Effectively addresses the environmental, economic and social dimensions of the issue(s) being explored.

  • Satisfactory: resource supports the examination of  these dimensions
  • Good:  resource explicitly examines the interplay of these dimensions
  • Very Good:  a systems-thinking approach is encouraged to examine these three dimensions
Respects Complexity Very Good

The activity in which the students build a water filter illustrates concretely for the students the different challenges faced by countries in securing clean water for their people.  

Respects Complexity:

The complexity of the problems/issues being discussed is respected.

Acting on Learning Satisfactory

The focus of the lesson is to allow the students to learn about the water quality in their local area and how indigenous knowledge can help provide a complete picture of an area's overall health. The acting on learning activities are not core components of the lesson plan but offered as extension activities.

Acting on Learning:

Learning moves from understanding  issues  to working towards positive change — in personal lifestyle, in school, in the community,  or for the planet

  • Satisfactory: action opportunities are included as extensions 
  • Good: action opportunities are core components of the resource
  • Very Good: action opportunities for students are well supported and intended to result in observable, positive change
Values Education Good

The writing activity to complete the lesson allows the students to solidify their understanding and express their thoughts.

Values Education:

Students are explicitly provided with opportunities to identify, clarify and express their own beliefs/values.

Empathy & Respect for Humans Satisfactory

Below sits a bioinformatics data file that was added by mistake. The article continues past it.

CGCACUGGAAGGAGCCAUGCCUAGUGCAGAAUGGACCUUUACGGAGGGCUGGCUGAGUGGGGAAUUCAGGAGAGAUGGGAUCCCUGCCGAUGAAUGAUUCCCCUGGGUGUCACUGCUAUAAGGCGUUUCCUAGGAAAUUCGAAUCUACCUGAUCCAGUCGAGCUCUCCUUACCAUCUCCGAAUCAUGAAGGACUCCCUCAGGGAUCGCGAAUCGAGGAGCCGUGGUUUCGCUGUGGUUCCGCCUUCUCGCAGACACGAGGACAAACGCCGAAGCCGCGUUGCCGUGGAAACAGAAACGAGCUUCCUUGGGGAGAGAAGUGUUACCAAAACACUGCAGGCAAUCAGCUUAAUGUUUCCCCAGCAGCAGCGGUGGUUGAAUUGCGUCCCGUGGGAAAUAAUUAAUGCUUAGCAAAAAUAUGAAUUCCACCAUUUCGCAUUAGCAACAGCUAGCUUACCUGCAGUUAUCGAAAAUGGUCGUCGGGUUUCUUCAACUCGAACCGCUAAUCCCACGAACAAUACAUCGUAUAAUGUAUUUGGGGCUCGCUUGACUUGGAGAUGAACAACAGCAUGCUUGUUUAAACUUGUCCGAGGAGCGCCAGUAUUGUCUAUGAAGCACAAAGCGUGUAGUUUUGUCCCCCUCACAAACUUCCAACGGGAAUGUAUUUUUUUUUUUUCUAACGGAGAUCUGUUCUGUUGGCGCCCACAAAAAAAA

The greater challenges in providing clean water for some groups more than for others is made clear.

Empathy & Respect for Humans: Empathy and respect are fostered for diverse groups of humans (including different genders, ethnic groups, sexual preferences, etc.).
Personal Affinity with Earth Very Good

The addition of the field trip and invitation for an elder to speak to the class  allow the students to gain a greater appreciation of the importance of clean water.

Personal Affinity with Earth:

Encourages a personal affinity with -the natural world.  

  • Satisfactory: connection is made to the natural world
  • Good: fosters appreciation/concern for the natural world
  • Very Good: fosters stewardship though practical and respectful experiences out-of-doors 
Locally-Focused Learning Very Good

Although this resource is based on the MacKenzie River Basin, it can easily be adapted to any waterway in any community.

Locally-Focused Learning:

Includes learning experiences that take advantage of issues/elements within the local community. 

  • Satisfactory: learning is made relevant to the lives of the learners
  • Good: learning is made relevant and has a local focus
  • Very Good: learning is made relevant, local and takes place ‘outside’ , in the community 
Past, Present & Future Very Good

The use of indigenous knowledge and the invitation to an elder to speak to the students helps to develop an understanding of the past.  The field trip to the waterway gives the students a sense of the present.  The discussions about the importance of maintaining clean water for the future help to complete the description over time.

Past, Present & Future: Promotes an understanding of the past, a sense of the present, and a positive vision for the future.

Pedagogical Approaches

Principle Rating Explanation
Open-Ended Instruction Very Good

The resource allows for the students to use trial and error when building their water filter.  It also allows for flexibility in the class discussions and end of lesson reflections.

Open-Ended Instruction :

Lessons are structured so that multiple/complex answers are possible; students are not steered toward one 'right' answer.